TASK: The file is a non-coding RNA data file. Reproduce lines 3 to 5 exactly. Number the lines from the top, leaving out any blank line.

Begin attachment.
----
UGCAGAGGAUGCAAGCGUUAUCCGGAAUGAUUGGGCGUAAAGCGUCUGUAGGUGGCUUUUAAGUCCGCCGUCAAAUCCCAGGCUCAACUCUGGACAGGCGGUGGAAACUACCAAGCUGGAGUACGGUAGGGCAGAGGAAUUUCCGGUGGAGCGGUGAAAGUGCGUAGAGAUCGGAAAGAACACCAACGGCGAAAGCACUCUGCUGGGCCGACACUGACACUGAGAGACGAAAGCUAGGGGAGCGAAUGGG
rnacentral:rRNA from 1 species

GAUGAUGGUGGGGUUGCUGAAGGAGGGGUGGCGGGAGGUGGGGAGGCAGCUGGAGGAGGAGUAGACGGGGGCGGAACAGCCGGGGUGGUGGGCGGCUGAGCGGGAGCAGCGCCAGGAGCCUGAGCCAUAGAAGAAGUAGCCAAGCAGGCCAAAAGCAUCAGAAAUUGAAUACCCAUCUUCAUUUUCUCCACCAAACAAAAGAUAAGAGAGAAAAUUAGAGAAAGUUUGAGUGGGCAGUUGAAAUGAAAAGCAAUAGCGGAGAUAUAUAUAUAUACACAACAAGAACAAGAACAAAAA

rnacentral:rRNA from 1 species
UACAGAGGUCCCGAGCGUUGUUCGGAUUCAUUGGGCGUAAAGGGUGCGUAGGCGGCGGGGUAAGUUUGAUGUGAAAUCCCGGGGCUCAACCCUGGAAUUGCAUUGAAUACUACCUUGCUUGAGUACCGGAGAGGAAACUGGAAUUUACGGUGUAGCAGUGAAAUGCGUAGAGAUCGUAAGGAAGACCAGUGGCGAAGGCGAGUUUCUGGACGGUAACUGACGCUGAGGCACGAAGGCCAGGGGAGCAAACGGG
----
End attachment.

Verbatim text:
GAUGAUGGUGGGGUUGCUGAAGGAGGGGUGGCGGGAGGUGGGGAGGCAGCUGGAGGAGGAGUAGACGGGGGCGGAACAGCCGGGGUGGUGGGCGGCUGAGCGGGAGCAGCGCCAGGAGCCUGAGCCAUAGAAGAAGUAGCCAAGCAGGCCAAAAGCAUCAGAAAUUGAAUACCCAUCUUCAUUUUCUCCACCAAACAAAAGAUAAGAGAGAAAAUUAGAGAAAGUUUGAGUGGGCAGUUGAAAUGAAAAGCAAUAGCGGAGAUAUAUAUAUAUACACAACAAGAACAAGAACAAAAA

rnacentral:rRNA from 1 species
UACAGAGGUCCCGAGCGUUGUUCGGAUUCAUUGGGCGUAAAGGGUGCGUAGGCGGCGGGGUAAGUUUGAUGUGAAAUCCCGGGGCUCAACCCUGGAAUUGCAUUGAAUACUACCUUGCUUGAGUACCGGAGAGGAAACUGGAAUUUACGGUGUAGCAGUGAAAUGCGUAGAGAUCGUAAGGAAGACCAGUGGCGAAGGCGAGUUUCUGGACGGUAACUGACGCUGAGGCACGAAGGCCAGGGGAGCAAACGGG